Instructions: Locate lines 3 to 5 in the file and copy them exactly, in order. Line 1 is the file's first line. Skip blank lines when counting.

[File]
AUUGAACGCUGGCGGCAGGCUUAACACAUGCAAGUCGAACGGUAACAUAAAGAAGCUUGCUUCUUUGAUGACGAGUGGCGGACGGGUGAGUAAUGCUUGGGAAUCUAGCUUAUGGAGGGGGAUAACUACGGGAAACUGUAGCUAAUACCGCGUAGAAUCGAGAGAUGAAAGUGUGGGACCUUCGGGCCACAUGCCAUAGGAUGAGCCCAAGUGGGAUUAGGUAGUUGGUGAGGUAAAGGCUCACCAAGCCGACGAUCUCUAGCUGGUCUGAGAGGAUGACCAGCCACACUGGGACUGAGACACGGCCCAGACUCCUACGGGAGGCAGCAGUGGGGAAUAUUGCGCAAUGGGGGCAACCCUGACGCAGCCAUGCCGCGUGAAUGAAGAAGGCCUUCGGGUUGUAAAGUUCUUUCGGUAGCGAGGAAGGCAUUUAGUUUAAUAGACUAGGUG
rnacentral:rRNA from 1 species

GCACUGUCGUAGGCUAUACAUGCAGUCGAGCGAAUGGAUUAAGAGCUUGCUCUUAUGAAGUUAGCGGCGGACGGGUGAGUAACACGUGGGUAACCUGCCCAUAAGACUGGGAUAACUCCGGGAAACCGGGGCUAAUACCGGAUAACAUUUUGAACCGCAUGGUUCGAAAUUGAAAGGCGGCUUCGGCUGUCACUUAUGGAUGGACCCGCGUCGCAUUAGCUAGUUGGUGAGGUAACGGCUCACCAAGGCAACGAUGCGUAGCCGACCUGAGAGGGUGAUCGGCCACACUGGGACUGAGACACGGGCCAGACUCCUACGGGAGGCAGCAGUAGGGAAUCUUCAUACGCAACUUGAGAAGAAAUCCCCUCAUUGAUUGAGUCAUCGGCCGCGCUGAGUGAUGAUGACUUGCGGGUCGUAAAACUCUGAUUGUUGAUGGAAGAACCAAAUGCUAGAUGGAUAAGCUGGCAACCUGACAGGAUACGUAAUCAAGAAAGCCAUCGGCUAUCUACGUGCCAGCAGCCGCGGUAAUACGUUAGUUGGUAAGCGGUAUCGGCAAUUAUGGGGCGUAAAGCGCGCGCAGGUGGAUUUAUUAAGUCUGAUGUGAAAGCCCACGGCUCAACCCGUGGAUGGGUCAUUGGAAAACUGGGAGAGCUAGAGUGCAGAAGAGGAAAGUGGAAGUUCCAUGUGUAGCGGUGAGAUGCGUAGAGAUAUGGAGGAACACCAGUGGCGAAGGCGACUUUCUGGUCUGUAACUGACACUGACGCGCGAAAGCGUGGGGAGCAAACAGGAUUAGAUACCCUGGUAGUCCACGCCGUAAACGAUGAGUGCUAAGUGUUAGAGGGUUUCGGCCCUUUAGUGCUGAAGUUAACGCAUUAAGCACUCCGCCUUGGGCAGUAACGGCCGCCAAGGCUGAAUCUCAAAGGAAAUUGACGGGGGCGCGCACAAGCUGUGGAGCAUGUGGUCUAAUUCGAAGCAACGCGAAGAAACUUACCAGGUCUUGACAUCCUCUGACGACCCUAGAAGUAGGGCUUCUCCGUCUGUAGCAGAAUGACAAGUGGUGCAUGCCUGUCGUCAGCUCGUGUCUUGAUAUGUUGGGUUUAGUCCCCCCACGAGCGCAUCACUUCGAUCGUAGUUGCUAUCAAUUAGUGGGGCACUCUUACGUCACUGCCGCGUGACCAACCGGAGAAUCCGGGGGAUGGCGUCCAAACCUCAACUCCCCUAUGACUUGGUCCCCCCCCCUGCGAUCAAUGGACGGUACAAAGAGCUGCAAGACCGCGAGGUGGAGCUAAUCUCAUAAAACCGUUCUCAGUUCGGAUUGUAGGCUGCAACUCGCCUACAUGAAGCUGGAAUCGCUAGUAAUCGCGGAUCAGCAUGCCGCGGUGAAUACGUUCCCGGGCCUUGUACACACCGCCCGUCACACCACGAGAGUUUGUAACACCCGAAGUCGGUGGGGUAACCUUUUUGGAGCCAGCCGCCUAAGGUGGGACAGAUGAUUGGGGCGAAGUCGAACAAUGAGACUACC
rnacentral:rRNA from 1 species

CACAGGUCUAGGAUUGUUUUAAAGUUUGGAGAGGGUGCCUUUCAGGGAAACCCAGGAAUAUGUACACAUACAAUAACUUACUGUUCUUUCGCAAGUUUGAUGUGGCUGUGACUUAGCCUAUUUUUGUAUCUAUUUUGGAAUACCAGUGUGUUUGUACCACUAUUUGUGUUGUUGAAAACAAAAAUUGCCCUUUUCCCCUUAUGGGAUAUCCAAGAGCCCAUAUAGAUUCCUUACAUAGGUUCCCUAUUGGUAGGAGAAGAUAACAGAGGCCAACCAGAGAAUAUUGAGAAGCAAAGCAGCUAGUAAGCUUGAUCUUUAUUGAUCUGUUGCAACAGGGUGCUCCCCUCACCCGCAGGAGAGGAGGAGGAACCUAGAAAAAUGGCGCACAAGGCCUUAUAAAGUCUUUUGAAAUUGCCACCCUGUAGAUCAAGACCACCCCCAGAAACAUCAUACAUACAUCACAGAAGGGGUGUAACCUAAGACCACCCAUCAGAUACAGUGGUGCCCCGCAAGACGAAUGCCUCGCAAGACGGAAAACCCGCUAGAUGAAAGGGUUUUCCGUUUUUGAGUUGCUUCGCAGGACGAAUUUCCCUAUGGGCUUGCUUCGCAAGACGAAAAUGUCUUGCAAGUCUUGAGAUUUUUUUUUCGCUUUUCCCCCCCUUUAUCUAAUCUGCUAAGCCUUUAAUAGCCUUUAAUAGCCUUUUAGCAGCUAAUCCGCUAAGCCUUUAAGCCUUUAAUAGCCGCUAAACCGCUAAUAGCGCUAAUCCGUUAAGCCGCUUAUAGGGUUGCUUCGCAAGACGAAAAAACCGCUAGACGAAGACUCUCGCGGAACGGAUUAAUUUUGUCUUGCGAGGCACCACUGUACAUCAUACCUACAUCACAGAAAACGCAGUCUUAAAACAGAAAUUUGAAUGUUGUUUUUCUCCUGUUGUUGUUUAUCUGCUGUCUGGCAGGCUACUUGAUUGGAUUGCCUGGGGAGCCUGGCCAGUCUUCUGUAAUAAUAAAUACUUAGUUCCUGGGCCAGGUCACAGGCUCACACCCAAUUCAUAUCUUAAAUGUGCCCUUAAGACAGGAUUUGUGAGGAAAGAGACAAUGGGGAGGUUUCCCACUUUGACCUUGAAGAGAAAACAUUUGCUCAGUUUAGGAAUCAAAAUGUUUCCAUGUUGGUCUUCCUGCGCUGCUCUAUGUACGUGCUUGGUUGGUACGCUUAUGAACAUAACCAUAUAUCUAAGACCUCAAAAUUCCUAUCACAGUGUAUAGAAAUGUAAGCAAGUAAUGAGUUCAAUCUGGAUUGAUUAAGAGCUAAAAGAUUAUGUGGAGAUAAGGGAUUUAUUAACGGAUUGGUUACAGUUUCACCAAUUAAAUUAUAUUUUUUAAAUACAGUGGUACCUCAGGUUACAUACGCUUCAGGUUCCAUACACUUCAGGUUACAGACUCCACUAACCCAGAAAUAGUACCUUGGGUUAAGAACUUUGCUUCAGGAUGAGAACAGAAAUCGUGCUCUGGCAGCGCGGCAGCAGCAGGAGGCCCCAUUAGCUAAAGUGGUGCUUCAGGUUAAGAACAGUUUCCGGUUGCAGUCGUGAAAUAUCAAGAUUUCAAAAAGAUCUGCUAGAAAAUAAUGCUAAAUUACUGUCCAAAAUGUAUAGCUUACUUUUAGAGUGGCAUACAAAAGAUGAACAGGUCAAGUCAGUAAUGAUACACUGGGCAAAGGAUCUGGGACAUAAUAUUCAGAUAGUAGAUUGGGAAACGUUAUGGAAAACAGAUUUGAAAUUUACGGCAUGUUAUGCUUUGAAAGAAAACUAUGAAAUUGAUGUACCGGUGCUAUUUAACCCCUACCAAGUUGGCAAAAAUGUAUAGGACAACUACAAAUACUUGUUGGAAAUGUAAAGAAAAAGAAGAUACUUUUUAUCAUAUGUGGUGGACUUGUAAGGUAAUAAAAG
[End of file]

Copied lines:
GCACUGUCGUAGGCUAUACAUGCAGUCGAGCGAAUGGAUUAAGAGCUUGCUCUUAUGAAGUUAGCGGCGGACGGGUGAGUAACACGUGGGUAACCUGCCCAUAAGACUGGGAUAACUCCGGGAAACCGGGGCUAAUACCGGAUAACAUUUUGAACCGCAUGGUUCGAAAUUGAAAGGCGGCUUCGGCUGUCACUUAUGGAUGGACCCGCGUCGCAUUAGCUAGUUGGUGAGGUAACGGCUCACCAAGGCAACGAUGCGUAGCCGACCUGAGAGGGUGAUCGGCCACACUGGGACUGAGACACGGGCCAGACUCCUACGGGAGGCAGCAGUAGGGAAUCUUCAUACGCAACUUGAGAAGAAAUCCCCUCAUUGAUUGAGUCAUCGGCCGCGCUGAGUGAUGAUGACUUGCGGGUCGUAAAACUCUGAUUGUUGAUGGAAGAACCAAAUGCUAGAUGGAUAAGCUGGCAACCUGACAGGAUACGUAAUCAAGAAAGCCAUCGGCUAUCUACGUGCCAGCAGCCGCGGUAAUACGUUAGUUGGUAAGCGGUAUCGGCAAUUAUGGGGCGUAAAGCGCGCGCAGGUGGAUUUAUUAAGUCUGAUGUGAAAGCCCACGGCUCAACCCGUGGAUGGGUCAUUGGAAAACUGGGAGAGCUAGAGUGCAGAAGAGGAAAGUGGAAGUUCCAUGUGUAGCGGUGAGAUGCGUAGAGAUAUGGAGGAACACCAGUGGCGAAGGCGACUUUCUGGUCUGUAACUGACACUGACGCGCGAAAGCGUGGGGAGCAAACAGGAUUAGAUACCCUGGUAGUCCACGCCGUAAACGAUGAGUGCUAAGUGUUAGAGGGUUUCGGCCCUUUAGUGCUGAAGUUAACGCAUUAAGCACUCCGCCUUGGGCAGUAACGGCCGCCAAGGCUGAAUCUCAAAGGAAAUUGACGGGGGCGCGCACAAGCUGUGGAGCAUGUGGUCUAAUUCGAAGCAACGCGAAGAAACUUACCAGGUCUUGACAUCCUCUGACGACCCUAGAAGUAGGGCUUCUCCGUCUGUAGCAGAAUGACAAGUGGUGCAUGCCUGUCGUCAGCUCGUGUCUUGAUAUGUUGGGUUUAGUCCCCCCACGAGCGCAUCACUUCGAUCGUAGUUGCUAUCAAUUAGUGGGGCACUCUUACGUCACUGCCGCGUGACCAACCGGAGAAUCCGGGGGAUGGCGUCCAAACCUCAACUCCCCUAUGACUUGGUCCCCCCCCCUGCGAUCAAUGGACGGUACAAAGAGCUGCAAGACCGCGAGGUGGAGCUAAUCUCAUAAAACCGUUCUCAGUUCGGAUUGUAGGCUGCAACUCGCCUACAUGAAGCUGGAAUCGCUAGUAAUCGCGGAUCAGCAUGCCGCGGUGAAUACGUUCCCGGGCCUUGUACACACCGCCCGUCACACCACGAGAGUUUGUAACACCCGAAGUCGGUGGGGUAACCUUUUUGGAGCCAGCCGCCUAAGGUGGGACAGAUGAUUGGGGCGAAGUCGAACAAUGAGACUACC
rnacentral:rRNA from 1 species

CACAGGUCUAGGAUUGUUUUAAAGUUUGGAGAGGGUGCCUUUCAGGGAAACCCAGGAAUAUGUACACAUACAAUAACUUACUGUUCUUUCGCAAGUUUGAUGUGGCUGUGACUUAGCCUAUUUUUGUAUCUAUUUUGGAAUACCAGUGUGUUUGUACCACUAUUUGUGUUGUUGAAAACAAAAAUUGCCCUUUUCCCCUUAUGGGAUAUCCAAGAGCCCAUAUAGAUUCCUUACAUAGGUUCCCUAUUGGUAGGAGAAGAUAACAGAGGCCAACCAGAGAAUAUUGAGAAGCAAAGCAGCUAGUAAGCUUGAUCUUUAUUGAUCUGUUGCAACAGGGUGCUCCCCUCACCCGCAGGAGAGGAGGAGGAACCUAGAAAAAUGGCGCACAAGGCCUUAUAAAGUCUUUUGAAAUUGCCACCCUGUAGAUCAAGACCACCCCCAGAAACAUCAUACAUACAUCACAGAAGGGGUGUAACCUAAGACCACCCAUCAGAUACAGUGGUGCCCCGCAAGACGAAUGCCUCGCAAGACGGAAAACCCGCUAGAUGAAAGGGUUUUCCGUUUUUGAGUUGCUUCGCAGGACGAAUUUCCCUAUGGGCUUGCUUCGCAAGACGAAAAUGUCUUGCAAGUCUUGAGAUUUUUUUUUCGCUUUUCCCCCCCUUUAUCUAAUCUGCUAAGCCUUUAAUAGCCUUUAAUAGCCUUUUAGCAGCUAAUCCGCUAAGCCUUUAAGCCUUUAAUAGCCGCUAAACCGCUAAUAGCGCUAAUCCGUUAAGCCGCUUAUAGGGUUGCUUCGCAAGACGAAAAAACCGCUAGACGAAGACUCUCGCGGAACGGAUUAAUUUUGUCUUGCGAGGCACCACUGUACAUCAUACCUACAUCACAGAAAACGCAGUCUUAAAACAGAAAUUUGAAUGUUGUUUUUCUCCUGUUGUUGUUUAUCUGCUGUCUGGCAGGCUACUUGAUUGGAUUGCCUGGGGAGCCUGGCCAGUCUUCUGUAAUAAUAAAUACUUAGUUCCUGGGCCAGGUCACAGGCUCACACCCAAUUCAUAUCUUAAAUGUGCCCUUAAGACAGGAUUUGUGAGGAAAGAGACAAUGGGGAGGUUUCCCACUUUGACCUUGAAGAGAAAACAUUUGCUCAGUUUAGGAAUCAAAAUGUUUCCAUGUUGGUCUUCCUGCGCUGCUCUAUGUACGUGCUUGGUUGGUACGCUUAUGAACAUAACCAUAUAUCUAAGACCUCAAAAUUCCUAUCACAGUGUAUAGAAAUGUAAGCAAGUAAUGAGUUCAAUCUGGAUUGAUUAAGAGCUAAAAGAUUAUGUGGAGAUAAGGGAUUUAUUAACGGAUUGGUUACAGUUUCACCAAUUAAAUUAUAUUUUUUAAAUACAGUGGUACCUCAGGUUACAUACGCUUCAGGUUCCAUACACUUCAGGUUACAGACUCCACUAACCCAGAAAUAGUACCUUGGGUUAAGAACUUUGCUUCAGGAUGAGAACAGAAAUCGUGCUCUGGCAGCGCGGCAGCAGCAGGAGGCCCCAUUAGCUAAAGUGGUGCUUCAGGUUAAGAACAGUUUCCGGUUGCAGUCGUGAAAUAUCAAGAUUUCAAAAAGAUCUGCUAGAAAAUAAUGCUAAAUUACUGUCCAAAAUGUAUAGCUUACUUUUAGAGUGGCAUACAAAAGAUGAACAGGUCAAGUCAGUAAUGAUACACUGGGCAAAGGAUCUGGGACAUAAUAUUCAGAUAGUAGAUUGGGAAACGUUAUGGAAAACAGAUUUGAAAUUUACGGCAUGUUAUGCUUUGAAAGAAAACUAUGAAAUUGAUGUACCGGUGCUAUUUAACCCCUACCAAGUUGGCAAAAAUGUAUAGGACAACUACAAAUACUUGUUGGAAAUGUAAAGAAAAAGAAGAUACUUUUUAUCAUAUGUGGUGGACUUGUAAGGUAAUAAAAG